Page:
Running, Running, Running.


A turquoise-clad bottle, perched on the counter beside the Keurig and the coffee pod rack, reminds me to unlace the running shoes and hang up the game.

Running, Running, Running.

I have stopped running. I have stopped running because of a water bottle.

For months and months and months, I have been running — not the healthy improve-your-time/improve-your-health running so many fit friends and family members engage in. No, my running has been senseless, fumbling, frustrating, mind-numbing, fill-the-hours, cram-the-calendar, jam-the-to-do-list running. Running, Running, Running.

It took a sweet little lady in a baby blue pantsuit with a car trunk full of water bottles to get my attention. Because of this water bottle. I have, finally…. simply. Stopped.

It has been a rough week at our house with my little mom not feeling or doing well. For those who don’t know — my mom, who suffers from Alzheimer’s Disease, congestive heart failure, COPD — lives with us, and I am her primary caregiver. I am blessed to have a helpful family and caregivers who stay with mom while I work, run errands, grocery shop and try to maintain some semblance of household normality. Running, Running, Running.

We moved mom in with us three years ago because she could no longer care for herself or safely live alone as Alzheimer’s claimed more of her dignity and daily life. We could not bear her spending final days in a nursing facility, so we bought a house to accommodate a merged household. Like new parents, we brought my baby/mama home and set up shop. Running, Running, Running.

These three years have been, truly, the best of times, the worst of times. Those who care for an aging parent know: The job of parenting a parent is not for the faint of heart. It is often during these frantic, frenetic days that we who care for others lace up the running shoes, start making laps, and never look back. We are Running, Running, Running.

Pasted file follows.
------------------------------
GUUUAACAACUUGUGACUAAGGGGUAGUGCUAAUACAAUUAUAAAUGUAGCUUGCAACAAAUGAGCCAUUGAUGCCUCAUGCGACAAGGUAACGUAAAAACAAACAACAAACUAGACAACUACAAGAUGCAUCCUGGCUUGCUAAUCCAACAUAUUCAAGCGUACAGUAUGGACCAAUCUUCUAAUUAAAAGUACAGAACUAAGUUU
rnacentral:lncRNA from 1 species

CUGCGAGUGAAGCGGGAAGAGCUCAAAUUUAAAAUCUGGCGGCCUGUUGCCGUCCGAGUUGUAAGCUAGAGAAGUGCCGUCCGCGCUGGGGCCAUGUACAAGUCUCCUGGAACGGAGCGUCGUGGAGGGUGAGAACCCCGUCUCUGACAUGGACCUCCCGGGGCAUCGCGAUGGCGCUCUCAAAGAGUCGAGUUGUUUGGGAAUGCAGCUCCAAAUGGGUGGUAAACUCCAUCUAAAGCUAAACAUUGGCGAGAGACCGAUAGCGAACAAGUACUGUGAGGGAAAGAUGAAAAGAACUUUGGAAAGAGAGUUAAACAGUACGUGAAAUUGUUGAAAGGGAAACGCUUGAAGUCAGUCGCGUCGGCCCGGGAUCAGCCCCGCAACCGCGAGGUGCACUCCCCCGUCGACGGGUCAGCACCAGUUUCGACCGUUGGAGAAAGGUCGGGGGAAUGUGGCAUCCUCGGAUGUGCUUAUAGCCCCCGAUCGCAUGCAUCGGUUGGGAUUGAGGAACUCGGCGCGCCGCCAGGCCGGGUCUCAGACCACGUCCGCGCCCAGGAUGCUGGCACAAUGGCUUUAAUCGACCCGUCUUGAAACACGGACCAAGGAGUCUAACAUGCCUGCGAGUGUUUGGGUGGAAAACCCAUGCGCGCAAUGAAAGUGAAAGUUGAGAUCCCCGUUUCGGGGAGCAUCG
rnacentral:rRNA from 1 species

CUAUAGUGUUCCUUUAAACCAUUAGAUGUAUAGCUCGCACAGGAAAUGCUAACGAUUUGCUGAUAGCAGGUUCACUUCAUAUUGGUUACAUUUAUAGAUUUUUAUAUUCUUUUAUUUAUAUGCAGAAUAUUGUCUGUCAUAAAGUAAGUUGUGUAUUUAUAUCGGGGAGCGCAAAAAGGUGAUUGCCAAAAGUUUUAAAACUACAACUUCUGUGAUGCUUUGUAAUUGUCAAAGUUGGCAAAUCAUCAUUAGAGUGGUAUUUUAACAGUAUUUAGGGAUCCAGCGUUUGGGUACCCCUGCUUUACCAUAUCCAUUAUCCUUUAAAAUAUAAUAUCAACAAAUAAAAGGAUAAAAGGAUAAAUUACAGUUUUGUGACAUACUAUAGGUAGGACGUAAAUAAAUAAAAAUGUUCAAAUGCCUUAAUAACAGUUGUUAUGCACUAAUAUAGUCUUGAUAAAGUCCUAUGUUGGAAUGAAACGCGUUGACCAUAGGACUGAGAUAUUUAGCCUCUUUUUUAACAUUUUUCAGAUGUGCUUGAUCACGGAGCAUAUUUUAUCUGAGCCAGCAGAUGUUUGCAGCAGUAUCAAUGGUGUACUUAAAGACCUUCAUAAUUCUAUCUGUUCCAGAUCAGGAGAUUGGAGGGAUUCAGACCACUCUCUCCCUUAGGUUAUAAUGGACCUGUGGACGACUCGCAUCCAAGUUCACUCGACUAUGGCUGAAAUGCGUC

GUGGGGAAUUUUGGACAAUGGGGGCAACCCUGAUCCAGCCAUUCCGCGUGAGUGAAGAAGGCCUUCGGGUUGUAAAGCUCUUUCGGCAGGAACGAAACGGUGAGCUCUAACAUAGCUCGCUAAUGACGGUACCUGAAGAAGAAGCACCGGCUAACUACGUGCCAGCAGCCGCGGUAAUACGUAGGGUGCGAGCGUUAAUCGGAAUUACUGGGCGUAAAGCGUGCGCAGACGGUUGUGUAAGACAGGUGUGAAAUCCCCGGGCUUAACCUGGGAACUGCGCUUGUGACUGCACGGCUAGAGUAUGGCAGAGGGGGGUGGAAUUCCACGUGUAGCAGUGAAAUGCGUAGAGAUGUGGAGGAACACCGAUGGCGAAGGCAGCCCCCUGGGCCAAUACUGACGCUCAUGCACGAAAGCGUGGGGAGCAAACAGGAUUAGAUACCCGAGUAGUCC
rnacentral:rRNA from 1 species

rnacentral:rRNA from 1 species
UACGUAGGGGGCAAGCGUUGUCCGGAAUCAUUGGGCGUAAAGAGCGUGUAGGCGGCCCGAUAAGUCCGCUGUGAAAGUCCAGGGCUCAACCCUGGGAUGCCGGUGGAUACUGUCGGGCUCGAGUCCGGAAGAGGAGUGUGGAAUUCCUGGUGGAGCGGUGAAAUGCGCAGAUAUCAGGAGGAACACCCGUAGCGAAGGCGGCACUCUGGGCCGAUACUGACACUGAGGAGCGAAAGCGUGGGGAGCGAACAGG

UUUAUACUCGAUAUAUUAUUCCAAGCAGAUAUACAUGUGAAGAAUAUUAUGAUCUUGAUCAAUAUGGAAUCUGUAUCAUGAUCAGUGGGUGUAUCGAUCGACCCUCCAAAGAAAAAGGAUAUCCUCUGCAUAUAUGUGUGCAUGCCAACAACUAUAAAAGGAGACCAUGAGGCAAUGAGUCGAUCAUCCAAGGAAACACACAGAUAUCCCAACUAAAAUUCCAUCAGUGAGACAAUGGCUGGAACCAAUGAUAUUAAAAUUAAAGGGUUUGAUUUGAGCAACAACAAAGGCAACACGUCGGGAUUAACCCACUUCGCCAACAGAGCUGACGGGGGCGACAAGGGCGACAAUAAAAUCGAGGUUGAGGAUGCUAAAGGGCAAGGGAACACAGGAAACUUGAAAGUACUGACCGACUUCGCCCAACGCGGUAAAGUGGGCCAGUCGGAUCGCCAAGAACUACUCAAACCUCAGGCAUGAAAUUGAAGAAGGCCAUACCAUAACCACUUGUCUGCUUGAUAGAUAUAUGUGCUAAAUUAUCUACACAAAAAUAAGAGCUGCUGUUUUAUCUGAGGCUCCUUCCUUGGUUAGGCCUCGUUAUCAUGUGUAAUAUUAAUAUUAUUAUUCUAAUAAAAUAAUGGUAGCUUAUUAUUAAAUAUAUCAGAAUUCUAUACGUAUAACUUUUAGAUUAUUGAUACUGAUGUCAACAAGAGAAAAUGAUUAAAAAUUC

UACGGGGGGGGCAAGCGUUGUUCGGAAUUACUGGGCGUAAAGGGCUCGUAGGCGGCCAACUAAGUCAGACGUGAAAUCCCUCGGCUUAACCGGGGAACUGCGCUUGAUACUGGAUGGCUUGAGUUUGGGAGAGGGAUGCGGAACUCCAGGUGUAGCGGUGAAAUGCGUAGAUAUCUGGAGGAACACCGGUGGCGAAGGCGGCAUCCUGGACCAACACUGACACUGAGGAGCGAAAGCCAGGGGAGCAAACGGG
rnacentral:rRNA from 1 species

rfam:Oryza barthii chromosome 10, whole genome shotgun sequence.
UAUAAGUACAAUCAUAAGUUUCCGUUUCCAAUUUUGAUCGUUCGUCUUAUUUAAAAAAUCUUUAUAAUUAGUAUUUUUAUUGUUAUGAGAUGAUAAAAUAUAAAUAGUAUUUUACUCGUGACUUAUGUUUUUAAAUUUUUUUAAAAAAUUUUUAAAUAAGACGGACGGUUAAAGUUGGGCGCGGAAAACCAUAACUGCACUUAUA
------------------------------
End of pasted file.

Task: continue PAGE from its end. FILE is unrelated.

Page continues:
Now, this water bottle on my kitchen counter is reminding me, I have to stop.

Mom’s caregiver and I had rushed mom to yet another doctor for poking and prodding, another antibiotic, another round of steroids. I had taken the morning off, and had planned on heading to the office after I got mom back home; planned on working late to make up the hours I had missed despite a restless night of breathing treatments and scanty sleep. Running, Running, Running.

As my mom’s on-duty, nighttime caregiver, I have learned to navigate on a few hours of sleep. I often feel like the parent of a newborn: stressed, sleep-deprived, concerned that I am doing things right, doing enough. I juggle the demands of a full-time job, family, household, mounting bills, piles of laundry. Running, Running, Running.

We were checking out at the doctor’s office front desk, and I was cramming my wallet back into my purse and fumbling for keys when I noticed the friendly lady, chatting amiably with the receptionist. She turned, took a look at me in all my frazzled, frumpled, no-sleep-for-days glory.

“It looks like you could use a water bottle, too,” she said.

“A water bottle?,” I asked, puzzled.

“She crochets water bottle covers,” the receptionist explained. “They are so cute.”